Yesterday, Tableau Software held an analyst briefing. It wasn’t a high level one, it was really just a webinar where they covered some product futures under NDA. However, it was very unclear what was NDA and what wasn’t. When they discussed things announced at the most recent Tableau Conference in Seattle, that’s not NDA, but there was plenty of future discussed, so I’ll walk a fine line.
The first news is to cover their Third Quarter announcement from the beginning of the month. This was Tableau’s first quarter of over $100 million in recognized revenue. It’s a strong showing and they’re justifiable proud of their consistent growth.
Ajay Chandrdamouly, Analyst Relations, also said that the growth primarily results from a Land and Expand strategy, beginning with small jobs in departments or divisions, driven by business needs, then expanding into other organizations and eventually into a corporate IT account position. However, one interesting point is an expansion mentioned later in the presentation by Francois Ajenstat, Product Management, while giving the usual case studies seen in such presentations. He did a good job of showing one case study that was Land and Expand, but another began as a corporate IT account and usage was driven outward by that. It’s an indication of the maturity of both Tableau and the business intelligence (BI) market that more and more BI initiatives are being driven by IT at the start.
Francois’ main presentation was about releases, past and future. While I can’t write about the later, I’ll mention one concern based on the former. He was very proud about the large number of frequent updates Tableau has released. That’s ok in the Cloud, where releases are quickly rolled into the product that everyone uses. However, that’s a risk in on-premises (yes, Francois, the final S is needed) installations in the area of support. How long do you support products and how do you support them is an issue. Your support team has to know a large number of variations to provide quick results or must investigate and study each time, slowing responses and possibly angering customers. I asked about the product lifecycle and how they managed to support and to decide sunsetting issues, but I did not get a clear and useful answer.
The presentation Mr. Ajenstat gave listed six major focus themes for Tableau, and that’s worth mentioning here:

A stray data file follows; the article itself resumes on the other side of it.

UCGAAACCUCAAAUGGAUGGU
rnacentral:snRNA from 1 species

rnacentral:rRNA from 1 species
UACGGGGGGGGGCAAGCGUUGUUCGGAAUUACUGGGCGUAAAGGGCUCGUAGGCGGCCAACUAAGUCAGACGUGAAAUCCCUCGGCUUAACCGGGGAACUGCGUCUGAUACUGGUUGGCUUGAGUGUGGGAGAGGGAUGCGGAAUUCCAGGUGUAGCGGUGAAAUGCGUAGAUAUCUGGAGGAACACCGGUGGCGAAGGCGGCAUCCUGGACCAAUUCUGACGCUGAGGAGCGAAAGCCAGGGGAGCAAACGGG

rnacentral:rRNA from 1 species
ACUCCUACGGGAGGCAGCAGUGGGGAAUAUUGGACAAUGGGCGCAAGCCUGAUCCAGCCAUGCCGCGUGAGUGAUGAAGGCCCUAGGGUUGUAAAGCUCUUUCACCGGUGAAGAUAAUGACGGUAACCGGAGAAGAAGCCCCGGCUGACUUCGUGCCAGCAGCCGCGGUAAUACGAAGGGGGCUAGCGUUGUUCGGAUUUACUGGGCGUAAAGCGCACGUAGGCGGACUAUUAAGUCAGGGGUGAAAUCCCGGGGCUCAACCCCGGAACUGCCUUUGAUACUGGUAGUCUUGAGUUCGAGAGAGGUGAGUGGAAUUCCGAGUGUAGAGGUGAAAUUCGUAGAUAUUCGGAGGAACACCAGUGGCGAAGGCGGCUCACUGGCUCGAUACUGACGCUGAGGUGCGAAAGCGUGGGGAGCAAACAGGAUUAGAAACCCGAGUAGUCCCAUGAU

- Seamless Access to Data
- Analytics & Statistics for Everyone
- Visual Analytics Everywhere
- Fast, Easy, Beautiful
None of those is a surprise, nor is the fact that they’re trying to build a consistent whole from the combination of foci. The fun was the NDA preview of how they’re working on all of those in the next release. One bit of foreshadowing, they are looking at some issues that won’t minimize enterprise products but will be aimed at a non-enterprise audience. They’ll have to be careful how they balance the two but expansion done right brings a wider audience so can be a good thing.
The final presenter was Ellie Fields, Product Marketing, who talked more about solution than product. Tableau Drive is not something to do with storage or big data, it’s a poorly named but well thought out methodology for BI projects. Industry firms are finally admitting they need some consistency in implementation and so are providing best practices to their implementation partners and customers to improve success rates, speed implementation and save costs. Modern software is complex, as are business issues, so BI firms have to provide a combination of products and services that help in the real world. Tableau Drive is a new attempt by the company to do just that. There’s also no surprise that it uses the word agile, since that’s the current buzzword for iterative development that’s been going on long before the word was applied. As I’m not one who’s implemented BI product, I won’t speak to its effectiveness, but Drive is a necessity in the marketplace and Tableau Drive helps provide a complete solution.
The briefing was a technical analyst presentation by Tableau about the current state of the company and some of its futures. There was nothing special, no stunning revelations, but that’s not a problem. The team’s message is that the company has been growing steadily and well and that their plans for the future are set forward to continue that growth. They are now a mid-size company, no longer as nimble as startups yet don’t have the weight of the really large firms, they have to chart a careful path to continue their success. So far it seems they are doing so.